This out of control helpless feeling fell over the heartland of America on Monday afternoon shortly before 3:00 p.m.
News quickly broke of the destruction that Mother Nature had unleashed on an area often called “tornado ally”.
Moore, Oklahoma experienced the second devastating tornado in that area in the past 15 years. The first, categorized as an F5, tore through Moore in May of 1999.
Many Americans watched in horror as young children were believed to be lost in the safe haven that was once their school. It now only resembled a pile of twisted debris.
Thoughts of other recent tragedies such as the shootings Sandy Hook elementary, the bombings at the Boston Marathon, and natural disasters such as Hurricane Sandy often leave us feeling helpless.
Most humans have a natural inclination to combat that feeling of helplessness with action. This has been felt throughout history.
May 21, 1881, an “Angel of the Battlefield”, known as Clara Barton was already familiar with the need to help. As a nurse, she worked tirelessly to aid the sick and wounded in the Civil War. Barton’s dedication in helping others and providing humanitarian aid to victims of wars and natural disasters led to her establishing the American Red Cross.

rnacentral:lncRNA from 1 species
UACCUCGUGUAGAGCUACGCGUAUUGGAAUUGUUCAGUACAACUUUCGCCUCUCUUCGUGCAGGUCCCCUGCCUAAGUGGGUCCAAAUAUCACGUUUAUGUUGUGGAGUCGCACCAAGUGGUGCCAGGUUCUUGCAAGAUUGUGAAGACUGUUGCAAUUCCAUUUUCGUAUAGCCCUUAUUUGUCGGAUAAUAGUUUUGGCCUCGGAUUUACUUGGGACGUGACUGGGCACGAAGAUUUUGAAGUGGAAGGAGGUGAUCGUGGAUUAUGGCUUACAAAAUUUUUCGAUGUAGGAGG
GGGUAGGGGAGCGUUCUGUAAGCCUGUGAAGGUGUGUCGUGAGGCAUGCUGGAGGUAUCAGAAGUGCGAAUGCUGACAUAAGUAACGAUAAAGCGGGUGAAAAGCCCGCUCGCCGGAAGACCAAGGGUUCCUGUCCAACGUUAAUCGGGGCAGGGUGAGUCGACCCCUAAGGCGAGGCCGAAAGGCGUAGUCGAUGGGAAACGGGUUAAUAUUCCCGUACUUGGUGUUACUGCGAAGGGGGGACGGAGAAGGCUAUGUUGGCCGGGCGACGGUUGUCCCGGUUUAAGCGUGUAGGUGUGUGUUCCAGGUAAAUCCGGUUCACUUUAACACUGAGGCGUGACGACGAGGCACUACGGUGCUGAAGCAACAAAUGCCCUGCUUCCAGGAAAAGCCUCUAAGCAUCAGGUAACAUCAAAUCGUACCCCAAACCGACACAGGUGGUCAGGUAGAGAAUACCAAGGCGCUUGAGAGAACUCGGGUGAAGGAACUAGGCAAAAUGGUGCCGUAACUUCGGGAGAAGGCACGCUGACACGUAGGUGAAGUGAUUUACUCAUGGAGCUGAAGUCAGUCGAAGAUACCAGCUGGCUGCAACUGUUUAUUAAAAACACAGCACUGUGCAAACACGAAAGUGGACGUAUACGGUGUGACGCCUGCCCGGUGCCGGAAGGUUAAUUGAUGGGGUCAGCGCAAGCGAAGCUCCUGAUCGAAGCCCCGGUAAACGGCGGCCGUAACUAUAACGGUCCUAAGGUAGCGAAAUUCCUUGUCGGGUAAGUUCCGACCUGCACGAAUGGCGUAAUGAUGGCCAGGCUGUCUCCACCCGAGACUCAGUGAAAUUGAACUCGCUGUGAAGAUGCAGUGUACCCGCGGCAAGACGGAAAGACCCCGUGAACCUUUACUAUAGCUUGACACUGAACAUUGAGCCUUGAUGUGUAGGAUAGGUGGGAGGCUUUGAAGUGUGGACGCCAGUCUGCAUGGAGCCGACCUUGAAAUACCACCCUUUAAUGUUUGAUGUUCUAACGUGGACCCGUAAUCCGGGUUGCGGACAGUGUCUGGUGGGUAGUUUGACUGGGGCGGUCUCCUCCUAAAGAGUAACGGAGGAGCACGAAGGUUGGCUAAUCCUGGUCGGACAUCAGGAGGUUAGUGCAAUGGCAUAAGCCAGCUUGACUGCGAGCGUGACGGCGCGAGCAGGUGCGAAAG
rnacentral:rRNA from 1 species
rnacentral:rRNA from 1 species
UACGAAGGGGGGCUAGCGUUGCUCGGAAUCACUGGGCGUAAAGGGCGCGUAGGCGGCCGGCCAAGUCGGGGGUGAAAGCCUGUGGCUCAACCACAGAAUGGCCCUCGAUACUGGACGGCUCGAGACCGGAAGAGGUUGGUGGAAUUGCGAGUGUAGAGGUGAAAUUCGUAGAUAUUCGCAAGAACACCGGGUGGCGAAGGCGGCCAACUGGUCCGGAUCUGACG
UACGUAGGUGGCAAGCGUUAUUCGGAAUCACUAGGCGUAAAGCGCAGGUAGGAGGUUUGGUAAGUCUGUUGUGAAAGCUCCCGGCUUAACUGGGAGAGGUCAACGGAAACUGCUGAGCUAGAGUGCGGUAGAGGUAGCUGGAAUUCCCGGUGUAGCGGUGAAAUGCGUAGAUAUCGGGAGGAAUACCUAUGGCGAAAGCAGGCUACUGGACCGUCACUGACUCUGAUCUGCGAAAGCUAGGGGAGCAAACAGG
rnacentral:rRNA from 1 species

The American Red Cross was established congruently with the mission and goals of the International Red Cross.
This organization still leads the charge today in helping when Americans need it most.
Throughout its history the Red Cross has become synonymous with disaster relief.
While we all sat in horror glued to news reports and social media updates praying for the safety of those in Oklahoma, the American Red Cross was already springing into action.
The American Red Cross quickly opened several shelters in Oklahoma and Red Cross Emergency Response Vehicles began delivering hot meals throughout the affected areas.
The Red Cross is also working to link loved ones in Moore who are OK through a website called Safe and Well.
Most Americans laid their heads to rest last night, hugged their families a little tighter, and tried not to think of the possibility that it could all be lost in an instant like it was in Oklahoma.
The helpless feeling after such a disaster usually remain especially with constant media coverage.
Experts agree that you can curb that sense of helplessness by taking action.
Most Americans cannot get in their cars to aid in relief efforts, but there are other ways to take action.
Text REDCROSS to 90999 to give $10 to American Red Cross Disaster Relief, donate online, or donate by phone at 1-800-RED CROSS.
You can also use your social media outlets to spread disaster awareness and get others to pledge their support to the efforts of the Red Cross.
Participating in local Red Cross Blood drives is also a great way to help out.
A spokesperson for the Red Cross also reminds us that we should remember the Red Cross when estate planning and continue to help our local Red Cross communities even when there is not a disaster.
“Each of us as human beings has a responsibility to reach out to help our brothers and sisters affected by disasters. One day it may be us or our loved ones needing someone to reach out and help.”-Michael W. Hawkins, American Red Cross